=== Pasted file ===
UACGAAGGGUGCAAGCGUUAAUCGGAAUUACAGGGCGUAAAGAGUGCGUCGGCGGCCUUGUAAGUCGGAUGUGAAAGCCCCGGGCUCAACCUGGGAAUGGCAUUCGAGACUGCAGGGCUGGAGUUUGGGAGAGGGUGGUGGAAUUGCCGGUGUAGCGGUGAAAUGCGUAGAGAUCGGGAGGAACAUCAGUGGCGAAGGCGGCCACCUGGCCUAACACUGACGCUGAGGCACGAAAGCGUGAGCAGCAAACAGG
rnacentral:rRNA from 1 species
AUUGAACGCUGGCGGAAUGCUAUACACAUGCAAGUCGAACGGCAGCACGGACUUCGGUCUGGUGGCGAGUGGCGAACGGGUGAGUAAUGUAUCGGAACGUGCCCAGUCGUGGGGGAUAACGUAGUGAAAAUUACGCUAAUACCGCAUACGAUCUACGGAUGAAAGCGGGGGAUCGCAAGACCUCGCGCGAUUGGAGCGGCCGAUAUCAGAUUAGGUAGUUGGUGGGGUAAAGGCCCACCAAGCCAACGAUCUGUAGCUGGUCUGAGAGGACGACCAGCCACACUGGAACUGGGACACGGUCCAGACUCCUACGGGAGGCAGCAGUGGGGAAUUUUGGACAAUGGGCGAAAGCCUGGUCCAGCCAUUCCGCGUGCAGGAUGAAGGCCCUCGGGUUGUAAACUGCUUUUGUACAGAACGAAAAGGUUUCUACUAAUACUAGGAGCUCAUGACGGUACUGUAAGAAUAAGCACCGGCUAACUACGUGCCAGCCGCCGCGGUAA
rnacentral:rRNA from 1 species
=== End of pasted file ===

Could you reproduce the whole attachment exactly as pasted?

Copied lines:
UACGAAGGGUGCAAGCGUUAAUCGGAAUUACAGGGCGUAAAGAGUGCGUCGGCGGCCUUGUAAGUCGGAUGUGAAAGCCCCGGGCUCAACCUGGGAAUGGCAUUCGAGACUGCAGGGCUGGAGUUUGGGAGAGGGUGGUGGAAUUGCCGGUGUAGCGGUGAAAUGCGUAGAGAUCGGGAGGAACAUCAGUGGCGAAGGCGGCCACCUGGCCUAACACUGACGCUGAGGCACGAAAGCGUGAGCAGCAAACAGG
rnacentral:rRNA from 1 species
AUUGAACGCUGGCGGAAUGCUAUACACAUGCAAGUCGAACGGCAGCACGGACUUCGGUCUGGUGGCGAGUGGCGAACGGGUGAGUAAUGUAUCGGAACGUGCCCAGUCGUGGGGGAUAACGUAGUGAAAAUUACGCUAAUACCGCAUACGAUCUACGGAUGAAAGCGGGGGAUCGCAAGACCUCGCGCGAUUGGAGCGGCCGAUAUCAGAUUAGGUAGUUGGUGGGGUAAAGGCCCACCAAGCCAACGAUCUGUAGCUGGUCUGAGAGGACGACCAGCCACACUGGAACUGGGACACGGUCCAGACUCCUACGGGAGGCAGCAGUGGGGAAUUUUGGACAAUGGGCGAAAGCCUGGUCCAGCCAUUCCGCGUGCAGGAUGAAGGCCCUCGGGUUGUAAACUGCUUUUGUACAGAACGAAAAGGUUUCUACUAAUACUAGGAGCUCAUGACGGUACUGUAAGAAUAAGCACCGGCUAACUACGUGCCAGCCGCCGCGGUAA
rnacentral:rRNA from 1 species